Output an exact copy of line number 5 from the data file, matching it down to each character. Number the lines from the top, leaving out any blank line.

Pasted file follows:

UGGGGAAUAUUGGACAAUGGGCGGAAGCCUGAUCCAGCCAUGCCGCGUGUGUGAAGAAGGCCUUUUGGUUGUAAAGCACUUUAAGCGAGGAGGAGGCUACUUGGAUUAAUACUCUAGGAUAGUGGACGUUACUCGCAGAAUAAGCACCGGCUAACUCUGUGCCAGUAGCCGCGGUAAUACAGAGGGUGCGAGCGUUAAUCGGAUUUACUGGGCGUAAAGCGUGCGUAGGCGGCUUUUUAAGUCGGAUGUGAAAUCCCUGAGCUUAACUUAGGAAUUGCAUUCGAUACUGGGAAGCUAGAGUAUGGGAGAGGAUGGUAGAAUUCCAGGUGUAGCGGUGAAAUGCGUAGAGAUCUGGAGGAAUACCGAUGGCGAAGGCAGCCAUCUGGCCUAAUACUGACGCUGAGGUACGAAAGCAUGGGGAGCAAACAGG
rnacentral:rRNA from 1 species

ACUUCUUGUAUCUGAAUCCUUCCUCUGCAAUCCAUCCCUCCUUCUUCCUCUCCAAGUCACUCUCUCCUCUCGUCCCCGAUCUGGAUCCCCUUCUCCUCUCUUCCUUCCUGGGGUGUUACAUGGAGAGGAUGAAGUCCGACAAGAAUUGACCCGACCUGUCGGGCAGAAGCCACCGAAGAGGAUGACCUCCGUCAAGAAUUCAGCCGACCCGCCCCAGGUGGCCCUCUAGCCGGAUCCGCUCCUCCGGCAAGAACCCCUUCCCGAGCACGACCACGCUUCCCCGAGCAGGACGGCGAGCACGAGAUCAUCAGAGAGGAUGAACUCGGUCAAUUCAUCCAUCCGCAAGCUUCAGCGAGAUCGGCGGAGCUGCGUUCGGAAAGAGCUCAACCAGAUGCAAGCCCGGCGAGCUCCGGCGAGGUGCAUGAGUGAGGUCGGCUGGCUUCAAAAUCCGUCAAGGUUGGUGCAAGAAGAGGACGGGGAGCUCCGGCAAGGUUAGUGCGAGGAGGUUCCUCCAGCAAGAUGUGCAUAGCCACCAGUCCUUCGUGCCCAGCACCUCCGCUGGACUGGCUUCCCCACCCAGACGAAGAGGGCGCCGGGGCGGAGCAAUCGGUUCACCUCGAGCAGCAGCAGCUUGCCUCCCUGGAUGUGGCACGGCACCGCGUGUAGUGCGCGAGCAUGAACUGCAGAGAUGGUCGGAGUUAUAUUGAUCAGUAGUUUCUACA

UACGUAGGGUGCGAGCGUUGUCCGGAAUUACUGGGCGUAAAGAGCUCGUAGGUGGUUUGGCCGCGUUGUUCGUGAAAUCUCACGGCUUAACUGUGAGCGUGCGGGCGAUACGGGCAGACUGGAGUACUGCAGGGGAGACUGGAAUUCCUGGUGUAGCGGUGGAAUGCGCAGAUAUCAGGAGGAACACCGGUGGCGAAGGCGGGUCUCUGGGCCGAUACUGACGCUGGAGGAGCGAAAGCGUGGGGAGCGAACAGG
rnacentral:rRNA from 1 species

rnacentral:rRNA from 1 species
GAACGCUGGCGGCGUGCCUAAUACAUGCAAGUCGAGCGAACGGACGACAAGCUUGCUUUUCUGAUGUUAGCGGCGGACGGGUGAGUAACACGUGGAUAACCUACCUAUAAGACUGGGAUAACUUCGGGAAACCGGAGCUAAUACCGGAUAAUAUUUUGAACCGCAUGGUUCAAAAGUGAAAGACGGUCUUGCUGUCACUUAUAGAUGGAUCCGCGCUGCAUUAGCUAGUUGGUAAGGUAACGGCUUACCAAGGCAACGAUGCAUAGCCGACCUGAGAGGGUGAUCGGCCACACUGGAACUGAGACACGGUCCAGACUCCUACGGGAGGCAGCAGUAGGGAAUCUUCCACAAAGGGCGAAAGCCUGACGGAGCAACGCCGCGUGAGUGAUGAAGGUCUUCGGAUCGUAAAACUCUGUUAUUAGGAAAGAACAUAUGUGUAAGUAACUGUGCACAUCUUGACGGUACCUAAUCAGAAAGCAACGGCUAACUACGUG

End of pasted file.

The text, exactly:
rnacentral:rRNA from 1 species